Taxation is the lifeblood of the government. Through the collected taxes, the government is able to fund the increasing need of its people for infrastructure, education, health, etc. The Bureau of Internal Revenue (BIR) is the Philippine government’s largest revenue collecting arm. For this year alone, the Bureau was assigned a P1.8 trillion tax collection target.
Throughout the years, the BIR has implemented various programs to improve its tax collection efforts. In 2003, it issued Revenue Memorandum Order (RMO) Nos. 30-2003 and 42-2003 which provided policies and guidelines to detect tax leaks by matching data from the BIR’s Integrated Tax System (ITS) and data from third party resources. Discrepancies generated through these matchings were used to unearth what could potentially be undeclared sales and/or over-claimed purchases by various taxpayers.
This “no-contact-audit approach” enables the BIR to use computerized matching to compare data from records or various returns filed by a taxpayer against those gathered from its suppliers or customers, and even those reported to other agencies, particularly the Bureau of Customs. Taxpayers with noted discrepancies are then informed of the findings through the issuance of a Letter Notice (LN) by the BIR. Consequently, such taxpayers are given 120 days to reconcile the inconsistencies; otherwise, deficiency taxes will be assessed.
In one of its recent decisions, the Supreme Court (SC) held that the absence of a Letter of Authority (LOA), makes the assessment unauthorized and thus, void. This is despite the prior issuance of an LN. According to the court, the BIR’s failure to issue an LOA constituted a violation of due process and was considered fatal to the tax audit.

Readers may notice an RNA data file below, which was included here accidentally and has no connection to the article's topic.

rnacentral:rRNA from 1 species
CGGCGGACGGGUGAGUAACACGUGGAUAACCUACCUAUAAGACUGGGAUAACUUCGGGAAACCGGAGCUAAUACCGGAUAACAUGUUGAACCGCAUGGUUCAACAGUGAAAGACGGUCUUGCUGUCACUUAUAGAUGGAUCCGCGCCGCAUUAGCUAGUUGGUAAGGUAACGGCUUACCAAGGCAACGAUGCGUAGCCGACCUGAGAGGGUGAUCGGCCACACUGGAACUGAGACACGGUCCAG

The SC differentiated an LOA from an LN, noting that LNs only serve as notice of any discrepancy to the taxpayers and is not in any way a substitute for an LOA which grants authority to the revenue officers to examine the books of the taxpayers. The LN operates similarly to a Notice of Informal Conference, an erstwhile requirement which was removed from the BIR’s tax audit process when the Bureau issued its revised regulations for tax audits back in 2013.
The SC stressed that the BIR must issue an LOA prior to issuing a Preliminary Assessment Notice (PAN), a Final/Formal Assessment Notice (FAN), or a Final Decision on Disputed Assessment (FDDA) to the taxpayer; otherwise, the assessment is rendered void for lack of due process.
This decision overturns the earlier ruling of the Court of Tax Appeals (CTA) en banc which held that the LN in essence, can serve as proof of the revenue officer’s authority to examine the books of the taxpayer. The court pointed out that the taxpayer can no longer question the validity of the tax assessment on the ground of lack of an LOA since the BIR had provided the requisite legal and factual bases of the deficiency tax being assessed. In the higher interest of justice, the SC considered the absence of the LOA as fatal to the case, underscoring the importance of due process.
The SC’s decision to reverse the CTA ruling thereby effectively negates RMO No. 55-2010, which was issued by the BIR based on the earlier CTA ruling. As it is, the BIR has yet to issue guidelines on this recent decision by the SC.
Due process is a basic right guaranteed to all persons under the Philippine Constitution. It is an elementary rule that no person shall be deprived of property without due process of law. To boost taxpayers’ compliance with the tax laws and regulations, the government, through its tax authorities, must continually build trust and confidence among taxpayers and in the society in general.
The pronouncement of the SC brings to light, once again, the significance of due process in taxation. While it is imperative for the tax authorities to generate revenues through exaction of taxes, the government’s power to tax must be exercised with justice. This can only be achieved when collection of taxes exercised through programs are implemented with reasonable requirements and within the bounds of the law.
However steep the BIR’s collection target is, it must be reached only through acts that are within the bounds of the Bureau’s authority.
The views or opinions presented in this article are solely those of the author and do not necessarily represent those of Isla Lipana & Co. The firm will not accept any liability arising from the article.
Kathrine Joy S. Capales is an Assistant Manager at the Tax Services Department of Isla Lipana & Co., the Philippine member firm of the PwC network.
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